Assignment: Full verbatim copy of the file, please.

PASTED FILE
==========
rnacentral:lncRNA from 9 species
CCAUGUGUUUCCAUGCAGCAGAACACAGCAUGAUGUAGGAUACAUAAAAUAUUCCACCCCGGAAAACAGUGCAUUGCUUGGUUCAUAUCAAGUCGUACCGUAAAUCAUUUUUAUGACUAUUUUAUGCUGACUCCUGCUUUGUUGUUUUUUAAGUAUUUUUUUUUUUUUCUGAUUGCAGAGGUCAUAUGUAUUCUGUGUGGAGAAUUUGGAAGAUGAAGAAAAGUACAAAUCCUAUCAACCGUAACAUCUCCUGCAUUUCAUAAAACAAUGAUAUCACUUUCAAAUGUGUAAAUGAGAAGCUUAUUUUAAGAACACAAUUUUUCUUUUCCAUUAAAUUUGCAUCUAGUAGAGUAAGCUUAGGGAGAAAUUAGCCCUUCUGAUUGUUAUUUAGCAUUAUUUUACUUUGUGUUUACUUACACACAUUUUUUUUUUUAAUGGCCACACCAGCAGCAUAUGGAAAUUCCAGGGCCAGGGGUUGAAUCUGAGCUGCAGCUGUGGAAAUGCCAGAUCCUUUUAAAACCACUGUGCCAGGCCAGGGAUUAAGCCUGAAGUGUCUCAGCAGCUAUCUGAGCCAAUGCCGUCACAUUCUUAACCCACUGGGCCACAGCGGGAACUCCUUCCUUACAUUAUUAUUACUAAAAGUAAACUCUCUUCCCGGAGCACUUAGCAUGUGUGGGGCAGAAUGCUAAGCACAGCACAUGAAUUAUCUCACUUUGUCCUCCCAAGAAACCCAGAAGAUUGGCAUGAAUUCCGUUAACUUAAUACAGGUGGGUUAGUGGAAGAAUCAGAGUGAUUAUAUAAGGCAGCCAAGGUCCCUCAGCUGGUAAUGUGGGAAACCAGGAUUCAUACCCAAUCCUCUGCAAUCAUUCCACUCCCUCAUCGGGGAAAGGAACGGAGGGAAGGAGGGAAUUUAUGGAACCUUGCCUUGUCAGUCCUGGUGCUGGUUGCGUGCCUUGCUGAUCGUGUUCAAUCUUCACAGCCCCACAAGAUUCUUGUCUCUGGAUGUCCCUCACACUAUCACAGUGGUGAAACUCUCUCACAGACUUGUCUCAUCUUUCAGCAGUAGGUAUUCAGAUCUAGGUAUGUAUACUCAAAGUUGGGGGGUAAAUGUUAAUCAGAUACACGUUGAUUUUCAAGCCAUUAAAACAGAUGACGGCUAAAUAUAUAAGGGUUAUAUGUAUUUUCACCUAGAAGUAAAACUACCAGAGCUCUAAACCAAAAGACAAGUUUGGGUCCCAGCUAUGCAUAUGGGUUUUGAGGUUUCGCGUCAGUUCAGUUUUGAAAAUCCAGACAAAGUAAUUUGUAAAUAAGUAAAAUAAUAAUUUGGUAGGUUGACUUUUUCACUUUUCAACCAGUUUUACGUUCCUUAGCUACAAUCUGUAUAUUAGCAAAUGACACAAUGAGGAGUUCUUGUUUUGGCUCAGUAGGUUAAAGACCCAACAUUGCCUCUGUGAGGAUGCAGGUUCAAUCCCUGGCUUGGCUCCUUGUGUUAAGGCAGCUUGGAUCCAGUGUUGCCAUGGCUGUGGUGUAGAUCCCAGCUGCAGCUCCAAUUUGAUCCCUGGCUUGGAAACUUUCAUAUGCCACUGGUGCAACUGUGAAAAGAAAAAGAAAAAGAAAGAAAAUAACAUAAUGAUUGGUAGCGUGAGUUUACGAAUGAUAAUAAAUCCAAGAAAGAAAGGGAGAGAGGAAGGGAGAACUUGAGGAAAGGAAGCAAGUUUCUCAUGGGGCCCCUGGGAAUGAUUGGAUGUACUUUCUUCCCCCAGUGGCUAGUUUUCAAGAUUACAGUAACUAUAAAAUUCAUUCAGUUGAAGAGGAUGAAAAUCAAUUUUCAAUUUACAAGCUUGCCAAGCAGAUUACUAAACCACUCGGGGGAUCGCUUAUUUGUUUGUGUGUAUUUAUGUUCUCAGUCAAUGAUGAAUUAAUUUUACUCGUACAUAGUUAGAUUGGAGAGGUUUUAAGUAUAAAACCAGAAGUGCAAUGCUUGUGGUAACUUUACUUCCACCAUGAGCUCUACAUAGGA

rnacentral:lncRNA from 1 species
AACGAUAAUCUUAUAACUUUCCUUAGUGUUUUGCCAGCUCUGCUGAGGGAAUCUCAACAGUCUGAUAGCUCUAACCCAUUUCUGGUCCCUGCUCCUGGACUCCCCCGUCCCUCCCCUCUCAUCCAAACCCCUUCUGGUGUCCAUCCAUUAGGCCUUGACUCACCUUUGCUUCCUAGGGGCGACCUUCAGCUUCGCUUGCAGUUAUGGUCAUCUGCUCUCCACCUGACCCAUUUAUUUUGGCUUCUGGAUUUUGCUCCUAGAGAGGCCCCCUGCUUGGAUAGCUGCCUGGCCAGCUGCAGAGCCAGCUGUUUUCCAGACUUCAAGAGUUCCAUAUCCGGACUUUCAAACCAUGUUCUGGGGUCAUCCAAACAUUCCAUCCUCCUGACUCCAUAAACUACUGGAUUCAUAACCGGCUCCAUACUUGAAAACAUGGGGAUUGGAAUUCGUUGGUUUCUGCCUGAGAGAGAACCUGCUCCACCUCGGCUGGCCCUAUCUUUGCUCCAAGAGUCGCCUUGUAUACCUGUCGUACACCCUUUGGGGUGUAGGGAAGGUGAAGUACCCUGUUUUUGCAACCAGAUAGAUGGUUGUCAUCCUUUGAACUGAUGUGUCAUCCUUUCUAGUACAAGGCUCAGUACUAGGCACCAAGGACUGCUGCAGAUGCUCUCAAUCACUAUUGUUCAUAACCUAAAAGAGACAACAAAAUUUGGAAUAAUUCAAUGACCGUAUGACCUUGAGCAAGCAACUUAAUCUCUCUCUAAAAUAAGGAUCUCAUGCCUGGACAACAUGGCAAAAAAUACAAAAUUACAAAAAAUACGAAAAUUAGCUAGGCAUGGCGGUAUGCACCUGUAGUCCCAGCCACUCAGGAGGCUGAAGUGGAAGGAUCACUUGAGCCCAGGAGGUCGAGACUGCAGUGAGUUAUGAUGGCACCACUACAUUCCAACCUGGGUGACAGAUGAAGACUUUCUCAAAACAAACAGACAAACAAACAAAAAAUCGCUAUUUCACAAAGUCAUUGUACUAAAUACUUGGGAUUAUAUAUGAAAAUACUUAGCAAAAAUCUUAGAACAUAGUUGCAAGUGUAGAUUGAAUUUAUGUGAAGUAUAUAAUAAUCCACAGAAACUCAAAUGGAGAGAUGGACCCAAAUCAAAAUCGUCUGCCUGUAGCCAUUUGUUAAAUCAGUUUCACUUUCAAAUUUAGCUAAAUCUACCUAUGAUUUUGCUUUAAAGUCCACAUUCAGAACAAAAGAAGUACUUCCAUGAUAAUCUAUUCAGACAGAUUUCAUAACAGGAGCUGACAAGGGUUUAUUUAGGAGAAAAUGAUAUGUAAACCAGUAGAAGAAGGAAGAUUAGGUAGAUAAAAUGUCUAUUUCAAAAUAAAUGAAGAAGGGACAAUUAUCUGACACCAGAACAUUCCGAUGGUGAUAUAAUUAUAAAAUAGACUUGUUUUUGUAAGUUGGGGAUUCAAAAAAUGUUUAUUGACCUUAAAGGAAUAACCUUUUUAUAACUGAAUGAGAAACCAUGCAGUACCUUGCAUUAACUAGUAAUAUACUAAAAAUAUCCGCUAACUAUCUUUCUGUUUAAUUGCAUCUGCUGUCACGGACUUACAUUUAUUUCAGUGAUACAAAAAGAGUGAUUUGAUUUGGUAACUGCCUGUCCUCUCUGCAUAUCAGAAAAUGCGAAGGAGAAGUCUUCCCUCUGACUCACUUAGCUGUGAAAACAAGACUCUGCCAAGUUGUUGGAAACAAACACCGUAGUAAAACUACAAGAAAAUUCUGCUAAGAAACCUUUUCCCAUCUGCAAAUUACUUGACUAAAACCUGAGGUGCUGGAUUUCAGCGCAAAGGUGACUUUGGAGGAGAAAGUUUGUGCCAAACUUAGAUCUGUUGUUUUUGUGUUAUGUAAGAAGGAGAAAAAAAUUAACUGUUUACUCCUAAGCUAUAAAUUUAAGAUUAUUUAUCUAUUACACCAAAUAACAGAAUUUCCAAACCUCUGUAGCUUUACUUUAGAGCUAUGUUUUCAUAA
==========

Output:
rnacentral:lncRNA from 9 species
CCAUGUGUUUCCAUGCAGCAGAACACAGCAUGAUGUAGGAUACAUAAAAUAUUCCACCCCGGAAAACAGUGCAUUGCUUGGUUCAUAUCAAGUCGUACCGUAAAUCAUUUUUAUGACUAUUUUAUGCUGACUCCUGCUUUGUUGUUUUUUAAGUAUUUUUUUUUUUUUCUGAUUGCAGAGGUCAUAUGUAUUCUGUGUGGAGAAUUUGGAAGAUGAAGAAAAGUACAAAUCCUAUCAACCGUAACAUCUCCUGCAUUUCAUAAAACAAUGAUAUCACUUUCAAAUGUGUAAAUGAGAAGCUUAUUUUAAGAACACAAUUUUUCUUUUCCAUUAAAUUUGCAUCUAGUAGAGUAAGCUUAGGGAGAAAUUAGCCCUUCUGAUUGUUAUUUAGCAUUAUUUUACUUUGUGUUUACUUACACACAUUUUUUUUUUUAAUGGCCACACCAGCAGCAUAUGGAAAUUCCAGGGCCAGGGGUUGAAUCUGAGCUGCAGCUGUGGAAAUGCCAGAUCCUUUUAAAACCACUGUGCCAGGCCAGGGAUUAAGCCUGAAGUGUCUCAGCAGCUAUCUGAGCCAAUGCCGUCACAUUCUUAACCCACUGGGCCACAGCGGGAACUCCUUCCUUACAUUAUUAUUACUAAAAGUAAACUCUCUUCCCGGAGCACUUAGCAUGUGUGGGGCAGAAUGCUAAGCACAGCACAUGAAUUAUCUCACUUUGUCCUCCCAAGAAACCCAGAAGAUUGGCAUGAAUUCCGUUAACUUAAUACAGGUGGGUUAGUGGAAGAAUCAGAGUGAUUAUAUAAGGCAGCCAAGGUCCCUCAGCUGGUAAUGUGGGAAACCAGGAUUCAUACCCAAUCCUCUGCAAUCAUUCCACUCCCUCAUCGGGGAAAGGAACGGAGGGAAGGAGGGAAUUUAUGGAACCUUGCCUUGUCAGUCCUGGUGCUGGUUGCGUGCCUUGCUGAUCGUGUUCAAUCUUCACAGCCCCACAAGAUUCUUGUCUCUGGAUGUCCCUCACACUAUCACAGUGGUGAAACUCUCUCACAGACUUGUCUCAUCUUUCAGCAGUAGGUAUUCAGAUCUAGGUAUGUAUACUCAAAGUUGGGGGGUAAAUGUUAAUCAGAUACACGUUGAUUUUCAAGCCAUUAAAACAGAUGACGGCUAAAUAUAUAAGGGUUAUAUGUAUUUUCACCUAGAAGUAAAACUACCAGAGCUCUAAACCAAAAGACAAGUUUGGGUCCCAGCUAUGCAUAUGGGUUUUGAGGUUUCGCGUCAGUUCAGUUUUGAAAAUCCAGACAAAGUAAUUUGUAAAUAAGUAAAAUAAUAAUUUGGUAGGUUGACUUUUUCACUUUUCAACCAGUUUUACGUUCCUUAGCUACAAUCUGUAUAUUAGCAAAUGACACAAUGAGGAGUUCUUGUUUUGGCUCAGUAGGUUAAAGACCCAACAUUGCCUCUGUGAGGAUGCAGGUUCAAUCCCUGGCUUGGCUCCUUGUGUUAAGGCAGCUUGGAUCCAGUGUUGCCAUGGCUGUGGUGUAGAUCCCAGCUGCAGCUCCAAUUUGAUCCCUGGCUUGGAAACUUUCAUAUGCCACUGGUGCAACUGUGAAAAGAAAAAGAAAAAGAAAGAAAAUAACAUAAUGAUUGGUAGCGUGAGUUUACGAAUGAUAAUAAAUCCAAGAAAGAAAGGGAGAGAGGAAGGGAGAACUUGAGGAAAGGAAGCAAGUUUCUCAUGGGGCCCCUGGGAAUGAUUGGAUGUACUUUCUUCCCCCAGUGGCUAGUUUUCAAGAUUACAGUAACUAUAAAAUUCAUUCAGUUGAAGAGGAUGAAAAUCAAUUUUCAAUUUACAAGCUUGCCAAGCAGAUUACUAAACCACUCGGGGGAUCGCUUAUUUGUUUGUGUGUAUUUAUGUUCUCAGUCAAUGAUGAAUUAAUUUUACUCGUACAUAGUUAGAUUGGAGAGGUUUUAAGUAUAAAACCAGAAGUGCAAUGCUUGUGGUAACUUUACUUCCACCAUGAGCUCUACAUAGGA

rnacentral:lncRNA from 1 species
AACGAUAAUCUUAUAACUUUCCUUAGUGUUUUGCCAGCUCUGCUGAGGGAAUCUCAACAGUCUGAUAGCUCUAACCCAUUUCUGGUCCCUGCUCCUGGACUCCCCCGUCCCUCCCCUCUCAUCCAAACCCCUUCUGGUGUCCAUCCAUUAGGCCUUGACUCACCUUUGCUUCCUAGGGGCGACCUUCAGCUUCGCUUGCAGUUAUGGUCAUCUGCUCUCCACCUGACCCAUUUAUUUUGGCUUCUGGAUUUUGCUCCUAGAGAGGCCCCCUGCUUGGAUAGCUGCCUGGCCAGCUGCAGAGCCAGCUGUUUUCCAGACUUCAAGAGUUCCAUAUCCGGACUUUCAAACCAUGUUCUGGGGUCAUCCAAACAUUCCAUCCUCCUGACUCCAUAAACUACUGGAUUCAUAACCGGCUCCAUACUUGAAAACAUGGGGAUUGGAAUUCGUUGGUUUCUGCCUGAGAGAGAACCUGCUCCACCUCGGCUGGCCCUAUCUUUGCUCCAAGAGUCGCCUUGUAUACCUGUCGUACACCCUUUGGGGUGUAGGGAAGGUGAAGUACCCUGUUUUUGCAACCAGAUAGAUGGUUGUCAUCCUUUGAACUGAUGUGUCAUCCUUUCUAGUACAAGGCUCAGUACUAGGCACCAAGGACUGCUGCAGAUGCUCUCAAUCACUAUUGUUCAUAACCUAAAAGAGACAACAAAAUUUGGAAUAAUUCAAUGACCGUAUGACCUUGAGCAAGCAACUUAAUCUCUCUCUAAAAUAAGGAUCUCAUGCCUGGACAACAUGGCAAAAAAUACAAAAUUACAAAAAAUACGAAAAUUAGCUAGGCAUGGCGGUAUGCACCUGUAGUCCCAGCCACUCAGGAGGCUGAAGUGGAAGGAUCACUUGAGCCCAGGAGGUCGAGACUGCAGUGAGUUAUGAUGGCACCACUACAUUCCAACCUGGGUGACAGAUGAAGACUUUCUCAAAACAAACAGACAAACAAACAAAAAAUCGCUAUUUCACAAAGUCAUUGUACUAAAUACUUGGGAUUAUAUAUGAAAAUACUUAGCAAAAAUCUUAGAACAUAGUUGCAAGUGUAGAUUGAAUUUAUGUGAAGUAUAUAAUAAUCCACAGAAACUCAAAUGGAGAGAUGGACCCAAAUCAAAAUCGUCUGCCUGUAGCCAUUUGUUAAAUCAGUUUCACUUUCAAAUUUAGCUAAAUCUACCUAUGAUUUUGCUUUAAAGUCCACAUUCAGAACAAAAGAAGUACUUCCAUGAUAAUCUAUUCAGACAGAUUUCAUAACAGGAGCUGACAAGGGUUUAUUUAGGAGAAAAUGAUAUGUAAACCAGUAGAAGAAGGAAGAUUAGGUAGAUAAAAUGUCUAUUUCAAAAUAAAUGAAGAAGGGACAAUUAUCUGACACCAGAACAUUCCGAUGGUGAUAUAAUUAUAAAAUAGACUUGUUUUUGUAAGUUGGGGAUUCAAAAAAUGUUUAUUGACCUUAAAGGAAUAACCUUUUUAUAACUGAAUGAGAAACCAUGCAGUACCUUGCAUUAACUAGUAAUAUACUAAAAAUAUCCGCUAACUAUCUUUCUGUUUAAUUGCAUCUGCUGUCACGGACUUACAUUUAUUUCAGUGAUACAAAAAGAGUGAUUUGAUUUGGUAACUGCCUGUCCUCUCUGCAUAUCAGAAAAUGCGAAGGAGAAGUCUUCCCUCUGACUCACUUAGCUGUGAAAACAAGACUCUGCCAAGUUGUUGGAAACAAACACCGUAGUAAAACUACAAGAAAAUUCUGCUAAGAAACCUUUUCCCAUCUGCAAAUUACUUGACUAAAACCUGAGGUGCUGGAUUUCAGCGCAAAGGUGACUUUGGAGGAGAAAGUUUGUGCCAAACUUAGAUCUGUUGUUUUUGUGUUAUGUAAGAAGGAGAAAAAAAUUAACUGUUUACUCCUAAGCUAUAAAUUUAAGAUUAUUUAUCUAUUACACCAAAUAACAGAAUUUCCAAACCUCUGUAGCUUUACUUUAGAGCUAUGUUUUCAUAA